“Beatitude is a possession of all things held to be good,
from which nothing is absent that a good desire may want.
Perhaps the meaning of beatitude may become clearer to us
if it is compared with its opposite. Now the opposite of beatitude is misery.
Misery means being afflicted unwillingly with painful sufferings.” – St. Gregory of Nyssa
“Our deepest fear is not that we are inadequate. Our deepest fear is that we are powerful beyond measure. It is our light, not our darkness that most frightens us. We ask ourselves, Who am I to be brilliant, gorgeous, talented, fabulous? Actually, who are you not to be? You are a child of God. Your playing small does not serve the world. There is nothing enlightened about shrinking so that other people won’t feel insecure around you. We are all meant to shine, as children do. We were born to make manifest the glory of God that is within us. It’s not just in some of us; it’s in everyone. And as we let our own light shine, we unconsciously give other people permission to do the same. As we are liberated from our own fear, our presence automatically liberates others.” – Marianne Williamson
The Beatitudes were an ancient Jewish poem constructed with portions from Isaiah, Psalms, Deuteronomy. The OT verses were written to the Jewish audience. The Beatitudes were essentially attempting to make sense of their struggle and pain. And through Jesus the author says that God will make sense of their struggles.
The Beatitudes are an example of what all humans try to do, to make sense of their pain.
In the movie ‘Youth In Revolt’ the main character played by actor Michael Cera tries to find ways to get a girl he likes to like him in return, but he is so unsure of himself that he is convinced he must create an alter-ego. Someone else to be him, but not him.
In this moment, his reality is fractured.
This is what the Beatitudes do, they fracture reality. They peer into the situation at hand and see a better world. An idealised version of itself. This is what happens to the character in the movie, he creates the ultimate ideal to achieve what he thinks he needs to to make himself happy.
The Beatitudes inherently assume that the world we live in could be less self-referential, less ego-driven, and that society could be the antithesis to oppressive behaviour. They seem to assert a new reality where beliefs take a back seat to relationship ethics. It seems the Rabbi who might have spoke such words was defending the possibility of a new kind of world that occur now, not one-day when. To do so, this old era must end of living for ourselves must end.
An End Times must happen in that moment.
The second we make a decision to change the way we treat one another is the second that we deny that the relationships prior to that moment should have happened. The Beatitudes are the belief in something beyond belief. Are the belief in humanity. If I were to use the words of another to help better encapsulate the message of the Beatitudes I would borrow the whole of Marianne Williamson’s quote above which seems to be nothing more than a modernised version of the spirit of the Beatitudes.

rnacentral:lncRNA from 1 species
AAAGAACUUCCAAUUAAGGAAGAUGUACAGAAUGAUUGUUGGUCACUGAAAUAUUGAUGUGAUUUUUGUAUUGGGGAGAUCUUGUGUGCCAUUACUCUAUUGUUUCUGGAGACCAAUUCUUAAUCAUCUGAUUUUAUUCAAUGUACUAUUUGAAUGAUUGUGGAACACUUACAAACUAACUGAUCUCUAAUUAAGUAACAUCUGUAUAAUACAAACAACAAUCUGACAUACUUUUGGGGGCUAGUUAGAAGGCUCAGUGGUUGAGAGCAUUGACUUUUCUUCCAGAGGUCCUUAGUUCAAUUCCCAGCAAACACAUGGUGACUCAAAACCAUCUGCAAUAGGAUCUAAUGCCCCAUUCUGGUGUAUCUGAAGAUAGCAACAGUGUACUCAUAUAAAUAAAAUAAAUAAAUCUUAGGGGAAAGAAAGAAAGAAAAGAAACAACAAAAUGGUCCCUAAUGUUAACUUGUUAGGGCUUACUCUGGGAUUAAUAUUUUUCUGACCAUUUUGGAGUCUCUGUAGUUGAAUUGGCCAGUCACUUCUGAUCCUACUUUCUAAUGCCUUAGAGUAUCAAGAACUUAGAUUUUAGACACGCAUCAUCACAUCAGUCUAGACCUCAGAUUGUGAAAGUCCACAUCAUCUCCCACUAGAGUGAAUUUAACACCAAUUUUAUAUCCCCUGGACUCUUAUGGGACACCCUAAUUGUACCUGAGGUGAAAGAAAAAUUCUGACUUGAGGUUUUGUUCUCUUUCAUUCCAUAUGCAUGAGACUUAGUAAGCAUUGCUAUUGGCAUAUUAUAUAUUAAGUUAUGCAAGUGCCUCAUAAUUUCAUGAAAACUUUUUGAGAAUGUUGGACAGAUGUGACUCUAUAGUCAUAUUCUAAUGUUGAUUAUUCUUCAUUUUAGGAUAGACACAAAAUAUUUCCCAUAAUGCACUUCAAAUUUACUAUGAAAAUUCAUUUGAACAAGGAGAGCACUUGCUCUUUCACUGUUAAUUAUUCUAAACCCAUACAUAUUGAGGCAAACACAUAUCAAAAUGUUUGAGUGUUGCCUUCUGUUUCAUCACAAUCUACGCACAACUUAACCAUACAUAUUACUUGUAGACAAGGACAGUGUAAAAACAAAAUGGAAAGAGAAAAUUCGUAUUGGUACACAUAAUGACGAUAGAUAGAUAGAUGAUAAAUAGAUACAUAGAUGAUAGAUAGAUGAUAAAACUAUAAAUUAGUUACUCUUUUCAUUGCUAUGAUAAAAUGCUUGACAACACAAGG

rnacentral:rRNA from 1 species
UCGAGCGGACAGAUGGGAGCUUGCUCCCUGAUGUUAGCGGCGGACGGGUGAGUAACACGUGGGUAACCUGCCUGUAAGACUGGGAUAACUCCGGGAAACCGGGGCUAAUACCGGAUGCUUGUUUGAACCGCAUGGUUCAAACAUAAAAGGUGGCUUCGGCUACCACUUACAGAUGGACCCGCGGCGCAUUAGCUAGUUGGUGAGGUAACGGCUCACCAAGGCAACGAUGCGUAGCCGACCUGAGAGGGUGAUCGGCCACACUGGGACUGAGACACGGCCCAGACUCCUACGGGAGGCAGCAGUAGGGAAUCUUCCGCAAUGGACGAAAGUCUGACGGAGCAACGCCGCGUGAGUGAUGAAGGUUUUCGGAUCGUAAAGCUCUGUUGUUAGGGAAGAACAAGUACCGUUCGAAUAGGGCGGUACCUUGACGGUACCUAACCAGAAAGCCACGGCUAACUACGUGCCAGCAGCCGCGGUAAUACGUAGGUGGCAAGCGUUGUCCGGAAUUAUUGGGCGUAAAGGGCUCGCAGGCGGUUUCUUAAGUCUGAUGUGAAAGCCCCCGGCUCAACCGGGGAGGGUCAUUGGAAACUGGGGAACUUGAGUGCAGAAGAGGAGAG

By not being who we are, we displace our very being.
Jesus steps in on the scene and offers a space for everyone to be themselves. In the middle of a narrative infused by Roman oppression, the Jewish people are imparted with a message of existential hope. In the midst of their national angst, the beatitudes become a moment of identification. In these words are the hope that all their pain would one day make sense.
In the midst of their national frustration, Jesus offers a new way to see each other, and doesn’t necessarily deal with all of their struggles head on, but challenges them to relinquish their alter-ego’s. To give up the idea that they need to be someone else. That the way society was wasn’t who they really were; that there was a better society inside of them all waiting to get out, and it was hidden in these words. It’s something more than a collection of poems, in this moment, when these words enter into the Jewish narrative, they become a theme song for a Jewish people who have known oppression first-hand.
The Beatitudes are about accepting the outsider as an insider. Accepting those that religion have marginalized and bring them to the center; the gay; the ethnic minority; the woman;the poor; the child; Its becoming racist to all of those things that create racism. Its becoming divisive towards the very thing that create division. Its become the very antithesis of a society that looks out for itself under the guise of holy rhetoric. The beatitudes are a manifesto on how to live in a society that accepts all people, no matter who they are as equals.
The word for blessed in Hebrew is Asheri. “Now, let’s examine the other word for “blessed”-asheri. This is a word a person would never use to bestow upon YHWH. It’s a word by humans for humans
only. One person can issue an asheri blessing upon another person. You can receive the asheri blessing from another person. It’s one human being blessing another. Other times, I say, “The LORD bless you.” When I say this I can mean only barak-something I cannot nor ever be able to do for you. I cannot give you a barak blessing. Only God does this.”
The Beatitudes are an incredibly powerful opus, they are the belief that humanity has been given the ability to live better.
That hierarchy doesn’t have the last word. That empire will never last. That poverty can disappear. That answers aren’t the last response to our ontological development.
The Beatitudes in and of themselves speak directly to every aspect of the human condition. To hunger. To need. To emotions. To society. Most importantly, to each other. The beatitudes are the belief that we can be better humans if we want to be.